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Showing: 31-40 results of 70

ORATION OF HON. JOHN A. J. CRESWELL. My Countrymen: On the 22d day of February, 1732, God gave to the world the highest type of humanity, in the person of George Washington. Combining within himself the better qualities of the soldier, sage, statesman, and patriot, alike brave, wise, discreet, and incorruptible, the common consent of mankind has awarded him the incomparable title of Father of his Country. Among all nations and in every clime... more...

A Quick Passage. To the editor of the "China Mail." Dear Sir:—I have just read with much pleasure the report of the quick passage made by the sailing-ship "Muskoka" from Cardiff to this port in ninety-two days. This is really a good trip and the captain and his officers may be complimented on having done so well, for, as you know, the ship is of large tonnage and the complement of men is small. I congratulate the captain and his officers,... more...

PREFACE I began these memoirs when about twenty-five years old, having from youth kept a diary of some sort, which perhaps from habit made me think of recording my inner and secret life. When I began it, I had scarcely read a baudy book, none of which excepting "Fanny Hill" appeared to me to be truthful, that did, and it does so still; the others telling of recherche eroticisms, or of inordinate copulative powers, of the strange twists, tricks,... more...

CHAPTER I. Seeing “Gad’s Hill” as a child.—His domestic side and home-love.—His love of children.—His neatness and punctuality.—At the table, and as host.—The original of “Little Nell.”   If, in these pages, written in remembrance of my father, I should tell you my dear friends, nothing new of him, I can, at least, promise you that what I shall tell will be told faithfully, if... more...

EDITOR'S PREFACE If the volume now presented to the public were a mere work of ART, the history of its misfortune might be written in two very simple words—TOO LATE. The nature and character of slavery have been subjects of an almost endless variety of artistic representation; and after the brilliant achievements in that field, and while those achievements are yet fresh in the memory of the million, he who would add another to the legion,... more...


PREFACE For some years past my father had, in the intervals of more serious work, occupied his leisure moments in jotting down reminiscences of his early life. In 1898 and 1899 he issued the two volumes of Auld Lang Syne, which contained recollections of his friends, but very little about his own life and career. In the Introductory Chapter to the Autobiography he explains fully the reasons which led him, at his advanced age, to undertake the... more...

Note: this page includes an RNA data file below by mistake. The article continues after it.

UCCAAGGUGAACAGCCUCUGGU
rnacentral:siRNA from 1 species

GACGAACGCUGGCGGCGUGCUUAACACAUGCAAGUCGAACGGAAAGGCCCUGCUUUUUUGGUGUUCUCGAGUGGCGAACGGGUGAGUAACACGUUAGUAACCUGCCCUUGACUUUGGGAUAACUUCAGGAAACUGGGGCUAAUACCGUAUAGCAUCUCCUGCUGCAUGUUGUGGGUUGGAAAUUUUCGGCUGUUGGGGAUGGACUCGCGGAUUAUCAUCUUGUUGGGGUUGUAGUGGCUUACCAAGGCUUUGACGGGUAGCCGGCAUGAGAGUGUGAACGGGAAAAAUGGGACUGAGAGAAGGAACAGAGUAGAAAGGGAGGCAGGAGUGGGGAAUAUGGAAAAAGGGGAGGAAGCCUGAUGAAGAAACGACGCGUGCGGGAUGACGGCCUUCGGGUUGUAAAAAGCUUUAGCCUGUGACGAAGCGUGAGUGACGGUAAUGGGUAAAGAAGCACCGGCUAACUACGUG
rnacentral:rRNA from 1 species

CHAPTER I. BIRTH AND EDUCATION OF MR. SHERIDAN.—HIS FIRST ATTEMPTS IN LITERATURE. Richard Brinsley [Footnote: He was christened also by the name of Butler, after the Earl of Lanesborough.] Sheridan was born in the month of September, 1751, at No. 12, Dorset Street, Dublin, and baptized in St. Mary's Church, as appears by the register of the parish, on the fourth of the following month. His grandfather, Dr. Sheridan, and his father, Mr.... more...

Childhood. 1754-1767 Characters developed by the French Revolution.Madame Roland. Many characters of unusual grandeur were developed by the French Revolution. Among them all, there are few more illustrious, or more worthy of notice, than that of Madame Roland. The eventful story of her life contains much to inspire the mind with admiration and with enthusiasm, and to stimulate one to live worthily of those capabilities with which every human... more...

ROBERT LOUIS STEVENSON AND FANNY OSBOURNE We thank Thee for this place in which we dwell; for the love that unites us; for the peace accorded us this day; for the hope with which we expect the morrow; for the health, the work, the food, and the bright skies that make our lives delightful; for our friends in all parts of the earth, and our friendly helpers in this foreign isle. Give us courage and gaiety and the quiet mind. Spare to us our... more...

HISTORYOF THESHAWANOE INDIANS. There is a tradition among the Shawanoes, in regard to their origin, which is said to be peculiar to that tribe. While most of the aborigines of this country believe that their respective races came out of holes in the earth at different places on this continent, the Shawanoes alone claim, that their ancestors once inhabited a foreign land; but having determined to leave it, they assembled their people and marched... more...